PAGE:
In many cultures, most of the wedding frivolity centers around the bride. In a Mexican wedding, the groom comes in for his share of ribald teasing and horseplay. If you're the groom at a wedding in Mexico, there are some traditions that you should be aware of!
At most wedding receptions, the groom's role is pretty simple. Look good for the pictures, know how to remove the bride's garter, and get as much cake on your new wife's face as you possibly can. Not so at a wedding in Mexico. Many Mexican wedding traditions put the groom in the starring role. If you're planning a Mexican wedding, here are five fun traditions that you might incorporate.
1. No peeking at the bride!
While it's traditional in many cultures for the groom to not be allowed to see the bride until she starts down the aisle, Mexican wedding tradition dictates that he should not see her wedding dress at all until the wedding procession starts. It's considered bad luck for the groom at a wedding in Mexico to see the bride's dress until he sees her in it on their wedding day.
2. No measurements for a tux!
At a Mexican wedding, it's traditional for the groom and the groomsmen to wear Mexican wedding shirts - guyaberas - short-sleeved shirts that are lavishly embroidered. Many tailors specialize in designing custom-made Mexican wedding shirts that incorporate embroidery that is meaningful to the bride and groom. Mexican wedding shirts are far more comfortable than a rented tux - especially for a wedding in Mexico.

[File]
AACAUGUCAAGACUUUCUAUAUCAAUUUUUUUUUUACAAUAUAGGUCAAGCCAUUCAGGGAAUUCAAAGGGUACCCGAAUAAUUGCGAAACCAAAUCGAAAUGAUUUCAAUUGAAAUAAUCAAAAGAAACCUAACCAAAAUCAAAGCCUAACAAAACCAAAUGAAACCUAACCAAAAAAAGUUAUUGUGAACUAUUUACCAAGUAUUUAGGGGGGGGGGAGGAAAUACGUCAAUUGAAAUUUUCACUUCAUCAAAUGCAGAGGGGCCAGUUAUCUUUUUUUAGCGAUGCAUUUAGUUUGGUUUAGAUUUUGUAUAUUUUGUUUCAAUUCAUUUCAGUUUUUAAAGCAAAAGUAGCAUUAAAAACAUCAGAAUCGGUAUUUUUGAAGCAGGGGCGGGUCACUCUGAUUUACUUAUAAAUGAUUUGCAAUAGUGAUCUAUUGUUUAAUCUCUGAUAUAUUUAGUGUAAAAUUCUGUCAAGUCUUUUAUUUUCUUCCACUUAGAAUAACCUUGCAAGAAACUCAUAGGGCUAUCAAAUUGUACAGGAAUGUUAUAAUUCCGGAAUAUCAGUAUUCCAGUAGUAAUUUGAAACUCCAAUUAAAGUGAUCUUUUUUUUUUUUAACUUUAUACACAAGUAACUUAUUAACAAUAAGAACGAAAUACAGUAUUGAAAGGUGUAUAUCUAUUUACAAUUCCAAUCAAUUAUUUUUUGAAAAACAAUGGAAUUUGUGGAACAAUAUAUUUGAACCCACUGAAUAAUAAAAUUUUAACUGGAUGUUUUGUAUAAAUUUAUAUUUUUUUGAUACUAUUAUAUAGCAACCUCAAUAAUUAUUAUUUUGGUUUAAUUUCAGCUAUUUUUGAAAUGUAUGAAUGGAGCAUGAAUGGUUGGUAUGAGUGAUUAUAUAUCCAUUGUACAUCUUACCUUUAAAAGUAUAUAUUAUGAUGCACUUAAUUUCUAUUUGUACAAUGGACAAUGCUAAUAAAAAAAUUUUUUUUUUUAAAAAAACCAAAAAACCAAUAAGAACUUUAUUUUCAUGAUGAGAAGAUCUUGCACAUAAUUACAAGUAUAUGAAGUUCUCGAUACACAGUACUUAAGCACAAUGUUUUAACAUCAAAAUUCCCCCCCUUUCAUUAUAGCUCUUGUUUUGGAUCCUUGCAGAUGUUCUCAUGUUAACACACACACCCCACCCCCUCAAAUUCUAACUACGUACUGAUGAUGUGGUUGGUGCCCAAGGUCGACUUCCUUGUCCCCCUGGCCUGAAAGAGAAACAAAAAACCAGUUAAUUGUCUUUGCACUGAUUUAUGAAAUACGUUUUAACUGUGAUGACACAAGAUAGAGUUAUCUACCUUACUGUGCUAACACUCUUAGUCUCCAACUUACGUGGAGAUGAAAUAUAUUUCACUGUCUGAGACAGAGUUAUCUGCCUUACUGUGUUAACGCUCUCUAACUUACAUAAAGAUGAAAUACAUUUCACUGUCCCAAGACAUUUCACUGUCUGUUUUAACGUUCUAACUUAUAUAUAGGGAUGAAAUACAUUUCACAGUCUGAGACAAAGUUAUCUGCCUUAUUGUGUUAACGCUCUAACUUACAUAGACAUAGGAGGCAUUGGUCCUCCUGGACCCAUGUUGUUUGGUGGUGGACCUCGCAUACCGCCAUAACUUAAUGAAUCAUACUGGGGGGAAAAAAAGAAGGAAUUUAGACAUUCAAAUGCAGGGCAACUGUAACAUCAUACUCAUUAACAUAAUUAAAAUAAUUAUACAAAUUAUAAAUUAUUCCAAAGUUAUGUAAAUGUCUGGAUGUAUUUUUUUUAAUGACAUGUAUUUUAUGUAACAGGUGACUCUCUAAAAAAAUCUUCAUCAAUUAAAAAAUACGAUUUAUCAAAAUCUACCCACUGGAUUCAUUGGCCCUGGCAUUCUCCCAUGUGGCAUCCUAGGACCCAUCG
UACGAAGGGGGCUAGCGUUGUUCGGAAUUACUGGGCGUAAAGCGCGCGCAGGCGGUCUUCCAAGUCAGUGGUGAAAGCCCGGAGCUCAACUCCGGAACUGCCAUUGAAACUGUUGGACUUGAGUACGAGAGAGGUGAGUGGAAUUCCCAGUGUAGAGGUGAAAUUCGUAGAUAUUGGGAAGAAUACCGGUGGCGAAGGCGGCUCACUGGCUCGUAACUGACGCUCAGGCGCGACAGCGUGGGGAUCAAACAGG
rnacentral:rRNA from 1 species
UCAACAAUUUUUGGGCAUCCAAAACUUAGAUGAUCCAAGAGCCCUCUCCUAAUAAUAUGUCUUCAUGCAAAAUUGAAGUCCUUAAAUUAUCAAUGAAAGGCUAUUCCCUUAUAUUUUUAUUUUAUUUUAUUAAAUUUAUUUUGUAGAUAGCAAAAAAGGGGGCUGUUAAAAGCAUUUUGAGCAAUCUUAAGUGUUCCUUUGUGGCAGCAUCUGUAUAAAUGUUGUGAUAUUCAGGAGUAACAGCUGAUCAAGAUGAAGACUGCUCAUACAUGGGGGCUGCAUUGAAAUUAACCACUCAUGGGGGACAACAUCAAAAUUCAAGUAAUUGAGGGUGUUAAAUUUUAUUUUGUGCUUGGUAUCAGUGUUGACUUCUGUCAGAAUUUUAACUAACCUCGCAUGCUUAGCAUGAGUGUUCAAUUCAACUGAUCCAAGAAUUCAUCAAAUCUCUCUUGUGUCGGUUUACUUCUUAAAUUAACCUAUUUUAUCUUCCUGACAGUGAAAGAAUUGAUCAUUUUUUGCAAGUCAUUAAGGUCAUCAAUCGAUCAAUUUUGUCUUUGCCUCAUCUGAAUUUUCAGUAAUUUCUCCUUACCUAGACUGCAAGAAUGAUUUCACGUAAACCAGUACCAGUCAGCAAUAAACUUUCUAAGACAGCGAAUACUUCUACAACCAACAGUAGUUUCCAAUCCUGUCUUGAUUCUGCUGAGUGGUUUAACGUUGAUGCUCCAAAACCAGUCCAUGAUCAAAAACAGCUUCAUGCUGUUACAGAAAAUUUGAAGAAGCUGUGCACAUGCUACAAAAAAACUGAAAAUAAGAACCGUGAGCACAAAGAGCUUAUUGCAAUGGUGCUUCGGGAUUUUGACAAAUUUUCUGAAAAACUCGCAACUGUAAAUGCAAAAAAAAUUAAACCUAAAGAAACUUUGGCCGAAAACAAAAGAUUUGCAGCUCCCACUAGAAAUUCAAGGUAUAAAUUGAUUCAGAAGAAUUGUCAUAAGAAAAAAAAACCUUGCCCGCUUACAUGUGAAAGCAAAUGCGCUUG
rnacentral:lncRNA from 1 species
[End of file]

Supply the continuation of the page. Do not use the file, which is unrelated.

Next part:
3. Tossing the groom
One of the most colorful and fun Mexican wedding customs is that of 'tossing the groom'. Early in the reception at a wedding in Mexico, the groomsmen and male guests all converge on the groom and hoist him into the air. He may be covered with the bride's veil as a symbolic shroud as the men, with much teasing and joking, carry him around the hall and toss him into the air. They may joke that now that he's married, he's as good as dead, though the tradition is meant to symbolize the death of his bachelorhood and beginning of his new life as a lucky married man.
4. Wearing the Apron
Another traditional Mexican wedding custom the groom should know is that of wearing the bride's apron. Like tossing the groom in the air, undressing the groom and dressing him in an apron is accompanied by lots of good-natured teasing about him becoming a henpecked husband. These days, the groom will usually only be stripped of his shoes and socks before being wrapped in the apron, but it's not unheard of for the groomsmen to completely strip the groom, bring his clothing to his new wife, and leave him with just the apron to wear.
5. The Dollar Dance
Another customary part of the Mexican wedding ceremony is the dollar dance. Each of the guests take a turn dancing with the bride or the groom, and during their short dance, pin a dollar bill (or larger denomination) to their wedding clothing. This Mexican wedding tradition gives the couple a start in their new life - and gives them a few moments to spend time face to face with each of their guests.